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Despite months of harassment and a board of county commissioners willing to broadcast people lying about election security, Surry County’s primary went off smoothly.
“It has been fantastic,” said Michella Huff, Surry County’s elections director. “We’ve had no real incidents, no threats, no anything.”
That makes her “very pleased,” she said, especially because it did not feel like a guarantee. On Monday night, the Surry County Board of Commissioners hosted a group of conspiracy theorists who peddled long-disproven lies, misinformation and made-up technical information about the 2020 elections, election security and how voting machines and systems work.
Huff said she talked with Bill Goins, chairman of the county commissioners, to say she was disappointed they would give that group a platform to air their claims on the night before an election for fear it would affect voter confidence.
But Huff pointed to the relatively high turnout, more than 20% in her county and almost that high statewide, as an indication that voters either didn’t believe the misleading rhetoric about election security or at least hadn’t been exposed to it yet. A record number of primary voters across the state cast ballots early.
Though only 1-in-5 eligible voters cast ballots, turnout was unusually high for primary elections without presidential or gubernatorial races, which will happen again in 2024.
Across the state, as in Surry, elections ran as planned. The N.C. State Board of Elections didn’t extend voting hours at any precinct, which only happens when there’s a problem, and the state had no reports of significant errors or mishaps, according to board spokesman Pat Gannon.
Human errors to be expected
Of course, errors happen, and voters face obstacles to casting ballots, especially when almost 1.5 million people get out and vote. But even where Carolina Public Press found a few voters who were inconvenienced, often from their own mistakes, none raised doubts about the integrity of the system in which they were participating.
In neighboring Stokes County, a poll worker accidentally marked a woman down as having voted when her husband came to the precinct in the morning. When the woman arrived later that afternoon, the chief precinct official had to play detective to figure out exactly what went wrong.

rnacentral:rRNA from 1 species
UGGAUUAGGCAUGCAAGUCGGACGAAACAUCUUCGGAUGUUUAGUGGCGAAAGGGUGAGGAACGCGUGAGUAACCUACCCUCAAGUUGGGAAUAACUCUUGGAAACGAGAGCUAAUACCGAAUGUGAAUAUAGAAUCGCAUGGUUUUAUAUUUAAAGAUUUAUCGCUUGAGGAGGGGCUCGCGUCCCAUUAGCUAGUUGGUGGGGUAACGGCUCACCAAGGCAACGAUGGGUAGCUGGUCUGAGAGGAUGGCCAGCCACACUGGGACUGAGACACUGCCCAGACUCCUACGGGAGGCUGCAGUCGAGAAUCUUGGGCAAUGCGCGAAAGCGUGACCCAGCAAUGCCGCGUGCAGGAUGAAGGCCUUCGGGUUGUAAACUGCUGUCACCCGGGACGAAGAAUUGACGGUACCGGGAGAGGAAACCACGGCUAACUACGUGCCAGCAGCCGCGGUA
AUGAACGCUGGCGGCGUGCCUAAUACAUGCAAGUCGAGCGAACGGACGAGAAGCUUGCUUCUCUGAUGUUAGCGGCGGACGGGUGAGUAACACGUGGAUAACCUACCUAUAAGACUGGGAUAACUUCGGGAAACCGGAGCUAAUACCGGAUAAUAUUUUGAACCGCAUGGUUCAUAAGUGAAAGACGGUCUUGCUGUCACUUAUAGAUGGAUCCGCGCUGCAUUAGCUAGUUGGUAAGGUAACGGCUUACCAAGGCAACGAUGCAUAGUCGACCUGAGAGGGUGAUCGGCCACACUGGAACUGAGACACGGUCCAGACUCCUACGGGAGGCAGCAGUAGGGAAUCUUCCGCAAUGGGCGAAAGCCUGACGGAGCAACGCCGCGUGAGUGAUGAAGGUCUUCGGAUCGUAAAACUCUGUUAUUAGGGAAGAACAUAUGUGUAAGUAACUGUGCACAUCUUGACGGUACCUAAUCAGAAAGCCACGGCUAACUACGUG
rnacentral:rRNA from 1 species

The husband was registered in another precinct, so the official called over and had officials there record the husband as having voted. They then allowed the wife to vote with a regular, rather than a provisional, ballot.
Because all ballots for each party primary in Stokes County have all the same races on them, no harm or inaccuracy came from the incident, according to Jason Perry, Stokes County elections director.
These kinds of human errors happen during elections, Perry said, and elections officials work hard to make sure everything is accurately documented and accounted for in the end.
In another twist, Forsyth County elections officials were briefly confused when small numbers of people were not appearing in the paper poll books the county uses on Election Day but were showing up in the online system as registered voters.
Tim Tsujii, Forsyth’s elections director, said the issue was likely caused by the vendor that printed the poll books. Several precincts had one or two voters affected by this problem, Tsujii said, and all were able to cast provisional ballots that will be counted because the voters were already confirmed to be correctly registered.
Elections are complex logistical hurdles. Small technical errors like this are not uncommon and are usually solved on the fly through coordination among precinct officials, the county elections office and, occasionally, with input from the State Board of Elections.
That so many people voted early likely helped keep the Election Day confusion to a minimum.
Forsyth County had 43,495 voters successfully cast ballots early or on primary day. Counties must report to the State Board of Elections how many voters cast provisional ballots.
Even after he had to wait 45 minutes to cast a provisional ballot, Surry County voter Matt Anderson had only praise for the patience and professionalism of the Pilot Mountain precinct staff. He had registered to vote in the next county over, with the county line only being a few minutes to the east.
Because Anderson was registered in the wrong county, he could only cast a provisional ballot, which the Surry County Board of Elections will review during county canvass on May 27. Often in these kinds of cases, only the statewide or multicounty races that are on ballots in both counties will be approved to be counted by a county board of elections.
Huff said she encourages voters to come and observe that decision-making process next week, as well as all the Board of Elections meetings that are open to the public.
The board will have one more meeting to process absentee-by-mail ballots and then will have the county canvass, whereby board members review and count provisional ballots and audit the election results before certifying them.
Despite all the hot air from election deniers, including pressure from the chair of the Surry County Republican Party, William Senter, that started on March 28, as first reported by Reuters, Huff said none of the election deniers have attended any of the Election Board’s meetings.
The extra scrutiny on elections is likely to stay around, Huff said. She sees voter engagement in election processes as a way to educate voters about how it all works.
“I do not feel like it’s a blip,” Huff said of the conspiracy-driven attention on elections. “I would actually hope they could come and participate in the process.”